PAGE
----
There’s an air of excitement at UBC as the campus community prepares to welcome athletes and spectators during the Vancouver 2010 Olympic and Paralympic Winter Games and showcase its commitment to sustainability.
As an Olympic competition venue, the UBC Thunderbird Arena (also known as the Doug Mitchell Thunderbird Sports Centre) will host 17 Olympic ice hockey games and 20 Paralympic sledge hockey games. The arena was built in the 1960s and is a fitting venue, considering its rich history. Canada’s National Hockey Program was born at the arena in 1963, in preparation for the Innsbruck 1964 Olympic Winter games in Austria.
The arena was redeveloped from 2006 to 2008 to rejuvenate and expand the facility in time for the Olympics, and to reflect the shared environmental, social and economic sustainability goals of UBC and the Vancouver Organizing Committee (VANOC).
The arena has a highly-efficient floor plan inside, and the building site takes advantage of existing road and pedestrian networks and is situated close to public transportation. The arena’s designers used the Leadership in Energy and Environmental Design (LEED®) green building rating system as a framework to address sustainability across all environmental performance categories. The facility achieved a LEED Silver performance standard, meeting VANOC’s progressive requirements for sustainability.
In addition to hockey and ice skating programs, the arena accommodates over 40,000 users monthly through public programs, leagues, special events, concerts and fitness-related programs, to make the most of the facility.
Sports facilities require a significant amount of energy to operate, especially ice rinks and pools. UBC and VANOC found ways to convert the arena into a world-class winter sports facility and meet the building’s ice maintenance, ventilation, de-humidification and lighting needs in sustainable ways.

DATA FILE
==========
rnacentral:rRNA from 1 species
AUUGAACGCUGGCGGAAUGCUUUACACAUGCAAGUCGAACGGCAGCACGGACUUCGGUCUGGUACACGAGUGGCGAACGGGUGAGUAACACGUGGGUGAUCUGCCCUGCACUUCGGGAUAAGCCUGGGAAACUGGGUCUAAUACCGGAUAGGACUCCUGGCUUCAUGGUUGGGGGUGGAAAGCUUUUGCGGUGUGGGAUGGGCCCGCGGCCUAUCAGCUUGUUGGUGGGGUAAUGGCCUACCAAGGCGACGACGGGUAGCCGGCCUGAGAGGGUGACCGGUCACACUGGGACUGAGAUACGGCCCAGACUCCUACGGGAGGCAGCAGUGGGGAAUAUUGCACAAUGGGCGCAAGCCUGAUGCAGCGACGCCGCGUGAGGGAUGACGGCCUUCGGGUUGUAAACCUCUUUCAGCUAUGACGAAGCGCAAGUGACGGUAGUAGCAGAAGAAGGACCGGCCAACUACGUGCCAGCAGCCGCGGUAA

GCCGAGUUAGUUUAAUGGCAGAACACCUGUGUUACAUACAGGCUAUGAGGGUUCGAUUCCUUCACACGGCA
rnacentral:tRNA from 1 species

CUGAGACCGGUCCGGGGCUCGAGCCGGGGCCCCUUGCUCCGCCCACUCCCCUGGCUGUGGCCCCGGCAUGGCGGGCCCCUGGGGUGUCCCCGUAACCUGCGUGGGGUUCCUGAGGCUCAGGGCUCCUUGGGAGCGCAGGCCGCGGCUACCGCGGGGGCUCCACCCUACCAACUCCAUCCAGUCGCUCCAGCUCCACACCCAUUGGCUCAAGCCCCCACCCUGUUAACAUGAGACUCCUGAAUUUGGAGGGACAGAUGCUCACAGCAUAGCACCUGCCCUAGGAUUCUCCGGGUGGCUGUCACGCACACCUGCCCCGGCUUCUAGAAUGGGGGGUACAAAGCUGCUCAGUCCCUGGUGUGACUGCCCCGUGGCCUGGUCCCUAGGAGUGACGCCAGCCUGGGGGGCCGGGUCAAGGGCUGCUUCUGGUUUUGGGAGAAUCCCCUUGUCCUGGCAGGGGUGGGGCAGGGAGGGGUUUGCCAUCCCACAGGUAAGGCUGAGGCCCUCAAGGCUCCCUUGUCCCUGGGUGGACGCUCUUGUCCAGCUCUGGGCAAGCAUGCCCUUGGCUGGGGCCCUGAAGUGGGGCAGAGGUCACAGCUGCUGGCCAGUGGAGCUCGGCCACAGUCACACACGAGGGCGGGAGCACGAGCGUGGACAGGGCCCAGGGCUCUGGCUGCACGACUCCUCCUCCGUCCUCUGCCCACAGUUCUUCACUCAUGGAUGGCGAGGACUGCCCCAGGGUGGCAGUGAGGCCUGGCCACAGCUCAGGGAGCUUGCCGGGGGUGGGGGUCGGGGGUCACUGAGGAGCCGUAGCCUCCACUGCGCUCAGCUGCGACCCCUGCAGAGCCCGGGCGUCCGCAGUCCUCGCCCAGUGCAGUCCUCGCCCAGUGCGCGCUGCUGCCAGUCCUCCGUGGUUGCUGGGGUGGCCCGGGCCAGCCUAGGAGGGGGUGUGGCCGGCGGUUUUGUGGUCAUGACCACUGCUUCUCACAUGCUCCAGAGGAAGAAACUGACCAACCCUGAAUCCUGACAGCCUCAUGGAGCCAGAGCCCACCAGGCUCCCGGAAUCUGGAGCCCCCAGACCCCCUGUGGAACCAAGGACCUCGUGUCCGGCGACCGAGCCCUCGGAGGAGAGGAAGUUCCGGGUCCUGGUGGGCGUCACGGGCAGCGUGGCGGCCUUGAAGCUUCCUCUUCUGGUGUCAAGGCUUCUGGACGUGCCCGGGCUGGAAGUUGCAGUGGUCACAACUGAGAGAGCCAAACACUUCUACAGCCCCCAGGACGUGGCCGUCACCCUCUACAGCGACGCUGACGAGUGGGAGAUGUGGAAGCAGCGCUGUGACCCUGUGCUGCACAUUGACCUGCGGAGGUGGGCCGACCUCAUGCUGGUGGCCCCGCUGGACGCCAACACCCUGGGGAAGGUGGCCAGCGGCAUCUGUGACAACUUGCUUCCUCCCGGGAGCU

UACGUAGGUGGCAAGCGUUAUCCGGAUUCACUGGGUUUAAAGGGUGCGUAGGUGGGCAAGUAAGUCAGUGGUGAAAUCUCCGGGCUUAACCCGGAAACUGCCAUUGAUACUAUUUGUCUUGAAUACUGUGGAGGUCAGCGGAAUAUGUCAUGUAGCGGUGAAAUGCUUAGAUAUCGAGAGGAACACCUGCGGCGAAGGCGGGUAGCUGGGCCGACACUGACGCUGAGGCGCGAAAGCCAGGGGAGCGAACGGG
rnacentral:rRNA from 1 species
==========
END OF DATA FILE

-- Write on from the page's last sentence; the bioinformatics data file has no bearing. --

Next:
“Typically those are challenges, but we took them as positives, because we felt there was a lot of opportunity to improve the standards and also be leaders in the development of some of these facilities,” says Kavie Toor, Associate Director of Facilities and Business Development for UBC Athletics and Recreation. “Although there are limitations, you still can achieve substantial energy savings by doing some of the things that we’ve done.”
One of the highlights of the redeveloped arena is the ECO CHILL® energy system. This new technology recycles all the energy used to maintain the ice surface back into the arena’s heating system, making use of waste energy that would normally be flushed out of the building.
The arena also uses electric ice resurfacers, which keep energy use to a minimum and don’t impact air quality. Often referred to as a Zamboni®, an ice resurfacer is typically fuelled by propane. “Not only is there energy wasted when they’re running sometimes three times an hour if you’re running multiple rinks, but there’s also a considerable amount of emissions that go into the playing area and into the stands,” Toor says.
To remove moist air from the building and dressing rooms, the arena uses an efficient de-humidifying system that runs about eight to 10 hours a day, compared to the arena’s old system that ran 24 hours a day. The building also uses energy-efficient lighting with sensors and control systems that turn lights off when a space is unoccupied.
Water conservation is a priority as well, and the arena has low-flush toilets and timed showers. Outside the arena, the building’s irrigation system was designed on slopes, allowing water to flow downwards and irrigate plants and landscaping.
Reusing existing components was an important part of the arena’s redevelopment process. Instead of demolishing the whole building, UBC and VANOC kept one ice rink that was still in good shape and upgraded its outdated mechanical and electrical systems.
The arena’s sustainable features may go unnoticed by visitors and users, but they won’t miss the six permanent Aboriginal art installations that grace the arena’s interior and exterior spaces.